Another potential danger might be being offered some camel milk. 

How to travel to Saudi Arabia as a woman
Nada al Nahdi@mal2at – Al-Ula 

8 – Saudi is not for everyone.

Actually, it’s quite the opposite. Saudi IS for EVERYONE.

Have you seen Saudi on the map?

It’s HUGE! It’s actually the fifth largest country in Asia.

From those who love to lounge by the sea to those looking for adventures, Saudi is for any kind of female traveler, really. Moreover, the culture in Saudi is so diverse that only 1:10 of my friends are purebred.

The traditions and cultures within the region itself are also very diverse. The northernmost part of the country has similarities to the Levant Arab countries, like Palestine and Jordan, while the southernmost part of the country resembles Yemen so much that it makes me feel like home!

Saudi Arabia has amazing historical sites such as Madinah Saleh, Rijal Almaa and many others.

is it safe to travel to Saudi Arabia as a woman
Nada al Nahdi@mal2at – Al-Ula 

Saudi Arabia is surrounded by the Red Sea, hence a perfect diving spot for divers, snorkelers or simply lounge by the beach or on a boat!

And, of course, the great desert landscape! Saudi Arabia got you covered with black, brown and red sand dunes! And there are much more than just the desert and the sea. There are many unexplored caves, unclimbed mountains, and stunning valleys!

Traveling in Saudi Arabia as a woman
Nada al Nahdi –  @mustafasahloli -Wadi Laja, Jizan 

9 – This is an exaggerated post and it’s not what it’s like in reality

Please have a look into these Instagram accounts based in Saudi that will also show you the reality of Saudi Arabia as a Saudi woman and a non-Saudi woman. 

@nadaalnahdi – Yemeni/Indonesian living in Saudi
@blueabaya – Finnish married to a Saudi and living in Saudi
@esraarayes – Saudi
@mearch_ – Saudi
@nirvana.abdul – Yemeni married to a Saudi
@saraomar_travels – Saudi
@mykindoffridays – Saudi
@redseacitizen – Saudi

If you have any more questions about traveling to Saudi as a woman, don’t hesitate to contact Nada through her blog.

You can also follow and contact her on Instagram and Facebook.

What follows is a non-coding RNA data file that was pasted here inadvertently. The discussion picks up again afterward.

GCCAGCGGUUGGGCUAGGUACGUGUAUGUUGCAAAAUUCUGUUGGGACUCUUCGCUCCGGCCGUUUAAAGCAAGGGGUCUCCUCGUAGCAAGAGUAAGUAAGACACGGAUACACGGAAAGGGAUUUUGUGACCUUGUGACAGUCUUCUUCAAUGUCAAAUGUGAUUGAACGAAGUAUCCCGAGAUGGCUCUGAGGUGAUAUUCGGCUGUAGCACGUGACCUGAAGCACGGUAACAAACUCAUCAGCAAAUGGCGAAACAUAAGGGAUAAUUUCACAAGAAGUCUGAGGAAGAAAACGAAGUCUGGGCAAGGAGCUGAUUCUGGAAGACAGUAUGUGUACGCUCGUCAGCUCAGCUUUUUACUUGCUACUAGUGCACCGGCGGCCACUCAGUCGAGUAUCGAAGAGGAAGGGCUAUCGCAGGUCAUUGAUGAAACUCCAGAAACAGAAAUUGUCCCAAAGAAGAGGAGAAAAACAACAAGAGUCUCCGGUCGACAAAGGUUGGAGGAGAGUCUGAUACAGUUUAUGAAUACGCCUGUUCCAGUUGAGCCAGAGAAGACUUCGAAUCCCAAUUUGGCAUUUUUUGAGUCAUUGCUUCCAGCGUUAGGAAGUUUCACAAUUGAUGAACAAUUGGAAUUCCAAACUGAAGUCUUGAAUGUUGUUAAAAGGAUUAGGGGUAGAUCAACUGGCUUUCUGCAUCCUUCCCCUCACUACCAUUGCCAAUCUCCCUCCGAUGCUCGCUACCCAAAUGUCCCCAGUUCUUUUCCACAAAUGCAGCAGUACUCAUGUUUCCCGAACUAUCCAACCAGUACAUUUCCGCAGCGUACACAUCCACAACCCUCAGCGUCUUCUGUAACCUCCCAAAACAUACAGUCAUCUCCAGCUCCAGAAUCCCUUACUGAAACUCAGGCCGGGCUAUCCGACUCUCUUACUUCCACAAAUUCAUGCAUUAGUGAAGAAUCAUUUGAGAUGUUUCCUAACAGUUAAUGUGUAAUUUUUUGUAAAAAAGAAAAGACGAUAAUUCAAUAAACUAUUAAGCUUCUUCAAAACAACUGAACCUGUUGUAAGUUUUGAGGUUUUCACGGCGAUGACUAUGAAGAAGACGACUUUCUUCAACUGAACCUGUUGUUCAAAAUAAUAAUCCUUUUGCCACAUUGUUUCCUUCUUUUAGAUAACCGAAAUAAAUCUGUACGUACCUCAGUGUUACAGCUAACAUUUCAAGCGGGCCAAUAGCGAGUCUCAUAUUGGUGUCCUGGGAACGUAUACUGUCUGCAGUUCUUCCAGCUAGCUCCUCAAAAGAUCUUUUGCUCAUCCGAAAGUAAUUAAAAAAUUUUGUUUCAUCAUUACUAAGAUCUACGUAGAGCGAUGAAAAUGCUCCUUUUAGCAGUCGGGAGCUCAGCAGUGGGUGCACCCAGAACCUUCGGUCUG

I also recommend reading these 2 articles from her:

What you didn’t know about Pakistan

An impulsive visit to Afghanistan

More information for solo female travel in Saudi Arabia

More solo female travel guides

After receiving so many emails from really kick-ass female travelers who want to wander around some of the most off the beaten track countries in the world, I decided to open a Solo Female Traveling section on my blog, to help women get to know the reality of traveling solo in these countries. Don’t hesitate to contact me if you think you have a nice experience to tell! 

More guides to Saudi Arabia


Hi, I’m an expat here in riyadh and I have an aunt working in jeddah, she’s inviting me to visit her in jeddah. I’ll be alone for sure, do I need anything to present at the airport? , aside the ticket and iqama. Your answer will be highly appreciated.

“Saudi Arabia is EVERYONE”… Well, except if you are a gay person since any minimal display of affection in public to another person of your same sex (even just holding hands) can be punished with the DEATH penalty.

Displays of affection are not allowed, regardless of your gender.

If the police see a man and a woman kissing, they would also get arrested and yes, you are right that homosexuality can be punished with death penalty but controversially, you can’t imagine the massive gay scene you can find in Riyadh. You wouldn’t believe it.

In any case, if you wanna go to Saudi, you will have to subject to their rules. If subjecting to their rules is an issue for you, then don’t go. It’s that simple.

It’s fair enough to say that if you don’t like the rules, then you shouldn’t go. But you can’t say in good faith that Saudi Arabia is for EVERYONE when you can literally get the death penalty for being gay.